Common Name(s): Chechen, black poisonwood, Caribbean rosewood
Scientific Name: Metopium brownei
Distribution: Dominican Republic, Cuba, Jamaica, Guatemala, Belize, and southeastern Mexico
Tree Size: 50-115 ft (15-35 m) tall,
3-5 ft (1-1.5 m) trunk diameter
Average Dried Weight: 55.0 lbs/ft3 (880 kg/m3)
Specific Gravity (Basic, 12% MC): 0.78, 0.88
Janka Hardness: 2,400 lbf (10,670 N)
Modulus of Rupture: 13,490 lbf/in2 (93.0 MPa)
Elastic Modulus: 2,253,000 lbf/in2 (15.53 GPa)
Crushing Strength: 8,270 lbf/in2 (57.0 MPa)
Shrinkage: Radial: 3.8%, Tangential: 6.8%,
Volumetric: 10.6%, T/R Ratio: 1.6
Color/Appearance: Heartwood color is highly varied, with red, orange, and brown contrasted with darker stripes of blackish brown. Color tends to shift to a darker reddish brown with age. Well defined sapwood is a pale yellow
Grain/Texture: Grain is usually straight, but may be wild or interlocked. With a uniform medium to fine texture and good natural luster.
Rot Resistance: Rated as being very durable, and moderately resistant to most insect attacks.
Workability: Fairly easy to work, but tearout may occur when machining pieces with interlocked grain. Glues and finishes well, though because of its density and tendency to split, nails and screws should be pre-bored.
Odor: No characteristic odor.
Allergies/Toxicity: Although severe reactions are quite uncommon, chechen has been reported as a sensitizer. Usually most common reactions simply include eye and skin irritation. See the articles Wood Allergies and Toxicity and Wood Dust Safety for more information.
Pricing/Availability: Generally available as lumber, though turning blanks and thin craft lumber is also sold. Chechen is touted as a low-cost substitute for more expensive tropical woods, and prices should be moderate for an imported hardwood.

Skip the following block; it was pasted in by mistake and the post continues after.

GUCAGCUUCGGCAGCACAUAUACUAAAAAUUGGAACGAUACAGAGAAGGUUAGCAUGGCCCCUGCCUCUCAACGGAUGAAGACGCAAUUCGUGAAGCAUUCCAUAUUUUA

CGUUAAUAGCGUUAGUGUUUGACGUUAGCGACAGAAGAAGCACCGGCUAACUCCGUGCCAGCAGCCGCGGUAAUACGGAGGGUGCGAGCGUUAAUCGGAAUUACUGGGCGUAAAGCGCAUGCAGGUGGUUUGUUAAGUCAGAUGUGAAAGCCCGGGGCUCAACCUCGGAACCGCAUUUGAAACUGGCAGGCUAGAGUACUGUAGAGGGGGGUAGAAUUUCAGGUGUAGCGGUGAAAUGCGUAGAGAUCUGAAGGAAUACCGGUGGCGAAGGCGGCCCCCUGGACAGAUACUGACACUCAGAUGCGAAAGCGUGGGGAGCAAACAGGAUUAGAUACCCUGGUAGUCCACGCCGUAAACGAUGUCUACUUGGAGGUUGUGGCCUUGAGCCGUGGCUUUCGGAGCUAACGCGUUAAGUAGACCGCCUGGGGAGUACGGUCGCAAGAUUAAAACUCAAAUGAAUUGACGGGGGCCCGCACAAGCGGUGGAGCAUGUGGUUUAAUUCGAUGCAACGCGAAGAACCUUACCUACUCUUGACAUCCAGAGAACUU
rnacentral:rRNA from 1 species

Sustainability: This wood species is not listed in the CITES Appendices or on the IUCN Red List of Threatened Species.
Common Uses: Veneer, furniture, cabinetry, flooring, turned objects, and small specialty wood items.
Comments: Because of its density, natural luster, and beautiful coloration, chechen is sometimes referred to as Caribbean rosewood, though it is not a true rosewood in the Dalbergia genus. However, this alternate common name is understandable given the (totally unrelated) negative connotations that the name “Chechen” received in the mid 1990s in Eastern Europe.
Another alternate name, black poisonwood, comes from its toxic sap, which turns black and causes severe skin reactions similar to poison ivy. Both species are classified in the Anacardiaceae (cashew) family—a family containing many allergenic or otherwise harmful species. However, the wood itself is safe to handle, though there are some allergenic reactions associated with the wood dust.
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Porosity: diffuse porous
Arrangement: solitary and radial multiples
Vessels: medium to large, few; tyloses and reddish brown deposits abundant
Rays: narrow to medium width; normal spacing
Lookalikes/Substitutes: Chechen wood with good color and figure have a unique appearance that’s not easily confused with other woods. However, pieces with blander or more ambiguous color or grain may be confused with other diffuse-porous tropical hardwoods. The lack of odor when being worked, as well as its fluorescent response under a blacklight can both serve to distinguish chechen from some lookalikes.
Notes: Heartwood fluoresces a streaked green under a blacklight.